Trying to See My Work Differently — and why Stories Contain Entire Worlds

TW: mention of ED recovery and disability

I’m sure I’m not alone in thinking this. That I am my own worst critic. My own worst doubter. My own worst bully.

When someone tells me something positive about my work. My stories or my books or my short films or my art. I smile and I thank them, but internally, I’m already staring at the negative comments.

My brain selectively goes: “ah yes. The compliments cannot be true. The only truth is the one person saying something negative about my art. Because secretly, I am trash. I knew it.”

My worst fears are confirmed, because I’m confirming a low feeling of self-worth. Imposter syndrome, or whatever the proper terminology is for feeling that you are not worth as much as you should be. For believing the world when it tells you that you simply cannot and gives you BS explanations why.

I grew up with an ED that hit its low as a teenager. It impacted my health: mental and physical. My feeling of self-worth related to a number on a scale and my body is much better now. I try to see my body for what it can do, despite any illnesses or disabilities that I’ve been reckoning with lately, and I thank my body for hosting my consciousness. The thing that makes me: me. Recovery isn’t a perfect journey, but it’s better. Accepting my disabilities and working to ease symptoms isn’t perfect– but it’s better.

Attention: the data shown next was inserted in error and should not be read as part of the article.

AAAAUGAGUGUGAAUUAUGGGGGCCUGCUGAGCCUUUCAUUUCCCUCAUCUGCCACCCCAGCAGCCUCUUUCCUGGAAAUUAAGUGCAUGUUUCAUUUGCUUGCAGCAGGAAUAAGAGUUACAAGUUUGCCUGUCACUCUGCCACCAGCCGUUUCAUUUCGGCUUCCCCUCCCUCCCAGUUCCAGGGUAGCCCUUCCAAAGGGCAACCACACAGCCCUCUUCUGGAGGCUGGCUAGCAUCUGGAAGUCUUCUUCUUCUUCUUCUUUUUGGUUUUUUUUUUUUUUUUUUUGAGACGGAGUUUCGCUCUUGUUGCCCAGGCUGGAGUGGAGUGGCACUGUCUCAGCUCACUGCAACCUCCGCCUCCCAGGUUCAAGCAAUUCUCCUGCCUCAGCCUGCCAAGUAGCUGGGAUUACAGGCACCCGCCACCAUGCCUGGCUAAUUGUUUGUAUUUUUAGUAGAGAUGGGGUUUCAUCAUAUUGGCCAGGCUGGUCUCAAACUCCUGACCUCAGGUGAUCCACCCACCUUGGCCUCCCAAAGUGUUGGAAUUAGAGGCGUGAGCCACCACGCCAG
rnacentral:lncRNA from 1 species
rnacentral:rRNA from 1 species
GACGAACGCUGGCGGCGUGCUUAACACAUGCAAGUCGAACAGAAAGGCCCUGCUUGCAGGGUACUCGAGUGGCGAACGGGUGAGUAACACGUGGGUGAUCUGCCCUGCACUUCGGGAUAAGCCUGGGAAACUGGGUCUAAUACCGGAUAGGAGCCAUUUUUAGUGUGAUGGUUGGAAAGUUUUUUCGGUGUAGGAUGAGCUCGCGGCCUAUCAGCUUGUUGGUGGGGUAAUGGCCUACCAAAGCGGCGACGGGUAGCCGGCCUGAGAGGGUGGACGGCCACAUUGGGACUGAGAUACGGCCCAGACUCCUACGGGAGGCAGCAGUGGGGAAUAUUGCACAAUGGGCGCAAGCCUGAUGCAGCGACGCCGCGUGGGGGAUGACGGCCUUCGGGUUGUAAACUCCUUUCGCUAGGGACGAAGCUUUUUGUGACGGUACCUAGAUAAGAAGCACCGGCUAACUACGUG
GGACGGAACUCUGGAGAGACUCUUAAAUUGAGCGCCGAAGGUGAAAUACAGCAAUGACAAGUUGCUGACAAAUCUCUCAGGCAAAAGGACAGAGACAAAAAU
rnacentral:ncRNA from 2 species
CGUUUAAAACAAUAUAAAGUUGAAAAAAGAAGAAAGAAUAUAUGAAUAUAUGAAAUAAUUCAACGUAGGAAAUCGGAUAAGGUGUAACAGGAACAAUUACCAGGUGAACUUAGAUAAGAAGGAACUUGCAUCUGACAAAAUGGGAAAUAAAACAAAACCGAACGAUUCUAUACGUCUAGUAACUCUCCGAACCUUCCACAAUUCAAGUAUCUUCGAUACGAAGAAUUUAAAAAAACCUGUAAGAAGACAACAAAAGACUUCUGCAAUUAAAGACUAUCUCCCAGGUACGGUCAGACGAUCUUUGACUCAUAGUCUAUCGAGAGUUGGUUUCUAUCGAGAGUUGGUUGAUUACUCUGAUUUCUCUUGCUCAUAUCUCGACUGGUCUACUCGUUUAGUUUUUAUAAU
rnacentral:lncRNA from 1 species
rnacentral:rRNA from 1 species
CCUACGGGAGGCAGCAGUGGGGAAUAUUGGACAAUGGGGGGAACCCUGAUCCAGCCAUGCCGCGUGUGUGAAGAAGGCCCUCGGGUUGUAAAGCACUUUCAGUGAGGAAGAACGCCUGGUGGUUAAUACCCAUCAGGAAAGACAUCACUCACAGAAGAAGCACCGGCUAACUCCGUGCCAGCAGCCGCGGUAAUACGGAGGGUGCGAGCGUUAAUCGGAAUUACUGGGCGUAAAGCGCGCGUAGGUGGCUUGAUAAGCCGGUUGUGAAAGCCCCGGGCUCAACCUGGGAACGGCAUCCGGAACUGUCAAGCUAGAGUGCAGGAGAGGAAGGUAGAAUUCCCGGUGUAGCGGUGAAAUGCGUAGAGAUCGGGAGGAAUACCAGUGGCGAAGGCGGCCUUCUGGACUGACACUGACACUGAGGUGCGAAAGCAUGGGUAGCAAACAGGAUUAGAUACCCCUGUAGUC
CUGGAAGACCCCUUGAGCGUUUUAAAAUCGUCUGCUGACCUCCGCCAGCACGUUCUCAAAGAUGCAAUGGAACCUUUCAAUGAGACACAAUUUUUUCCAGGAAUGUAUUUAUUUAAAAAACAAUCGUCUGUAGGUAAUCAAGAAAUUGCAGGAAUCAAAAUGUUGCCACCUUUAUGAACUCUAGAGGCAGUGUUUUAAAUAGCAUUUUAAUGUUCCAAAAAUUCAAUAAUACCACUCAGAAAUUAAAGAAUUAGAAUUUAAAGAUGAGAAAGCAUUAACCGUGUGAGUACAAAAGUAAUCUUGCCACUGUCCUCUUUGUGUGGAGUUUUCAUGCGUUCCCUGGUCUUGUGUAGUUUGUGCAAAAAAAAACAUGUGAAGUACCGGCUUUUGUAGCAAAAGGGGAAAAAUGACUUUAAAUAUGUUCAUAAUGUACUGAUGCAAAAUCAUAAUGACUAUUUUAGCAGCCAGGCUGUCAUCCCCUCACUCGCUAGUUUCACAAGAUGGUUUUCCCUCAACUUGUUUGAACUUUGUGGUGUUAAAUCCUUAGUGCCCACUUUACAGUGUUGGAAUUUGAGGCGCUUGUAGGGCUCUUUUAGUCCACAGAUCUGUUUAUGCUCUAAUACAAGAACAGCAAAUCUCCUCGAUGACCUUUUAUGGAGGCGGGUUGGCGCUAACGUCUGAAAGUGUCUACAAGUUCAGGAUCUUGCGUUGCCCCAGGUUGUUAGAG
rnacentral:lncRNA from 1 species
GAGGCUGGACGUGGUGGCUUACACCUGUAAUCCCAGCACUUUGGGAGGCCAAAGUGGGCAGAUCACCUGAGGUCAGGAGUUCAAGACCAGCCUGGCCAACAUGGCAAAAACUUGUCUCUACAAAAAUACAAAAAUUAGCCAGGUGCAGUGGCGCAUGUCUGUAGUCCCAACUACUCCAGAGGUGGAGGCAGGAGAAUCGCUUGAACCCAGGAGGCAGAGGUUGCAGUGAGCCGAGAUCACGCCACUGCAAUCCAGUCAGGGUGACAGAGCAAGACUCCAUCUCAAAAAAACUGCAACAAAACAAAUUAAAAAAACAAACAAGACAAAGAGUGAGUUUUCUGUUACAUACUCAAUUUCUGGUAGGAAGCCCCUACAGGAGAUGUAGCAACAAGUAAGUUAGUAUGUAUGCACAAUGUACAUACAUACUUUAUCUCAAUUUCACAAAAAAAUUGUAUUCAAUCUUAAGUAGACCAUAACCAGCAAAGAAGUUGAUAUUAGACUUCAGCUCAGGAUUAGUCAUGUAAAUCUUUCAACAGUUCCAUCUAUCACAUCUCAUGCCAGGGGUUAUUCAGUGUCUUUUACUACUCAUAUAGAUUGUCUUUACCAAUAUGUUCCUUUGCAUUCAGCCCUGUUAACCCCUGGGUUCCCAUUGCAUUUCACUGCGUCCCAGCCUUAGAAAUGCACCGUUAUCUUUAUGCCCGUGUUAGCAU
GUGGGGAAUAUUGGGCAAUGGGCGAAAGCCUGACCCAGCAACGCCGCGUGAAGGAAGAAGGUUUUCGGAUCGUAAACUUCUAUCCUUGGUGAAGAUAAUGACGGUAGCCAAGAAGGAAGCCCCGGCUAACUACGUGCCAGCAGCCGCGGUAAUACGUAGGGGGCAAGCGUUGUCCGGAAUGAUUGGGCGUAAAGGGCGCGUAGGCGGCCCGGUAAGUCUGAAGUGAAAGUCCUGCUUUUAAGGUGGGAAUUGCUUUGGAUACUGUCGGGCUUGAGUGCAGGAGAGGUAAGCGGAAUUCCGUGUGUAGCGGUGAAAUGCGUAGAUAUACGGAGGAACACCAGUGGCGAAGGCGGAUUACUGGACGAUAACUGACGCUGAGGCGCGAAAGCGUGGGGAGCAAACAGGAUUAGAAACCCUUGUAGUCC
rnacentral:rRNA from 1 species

I’d like to think my journey with my creations might be similar. In some ways, they are extensions of me, or idealizations or fantasies or what have you. In accepting my body and my disabilities, My gender and sexuality. I accept my outer self. In refusing to accept my creations, my creativity, I am abandoning my inner world that I’ve created.

Like I was at my lowest, when my ED told me that my body was worthless When I struggled with misdiagnosis for my disability and felt hurt and gaslit. I feel that lately, I denigrate my creations and only believe the harshest critiques or outright hatred because, internally, I am not fighting for my creations’ worth. My books. The stories I tell. I ignore the positive messages in favor of the single negative.

The stories I have to tell are not enough.

Surely, I have no stories to tell…

Do I?

And it’s scary to create. Heck, it’s scary just writing these words now and opening up to the world. But, like I am trying to recover and thank my body for hosting me. To accept my disabilities. I am also fighting to accept that the stories I create, reflections of my inner world no matter if the mirror might be a bit dusty or distorted at times before I polish them or edit them. They are worthy too. My creations give me a canvas on which to write entire worlds.

And that is a worthy thing.


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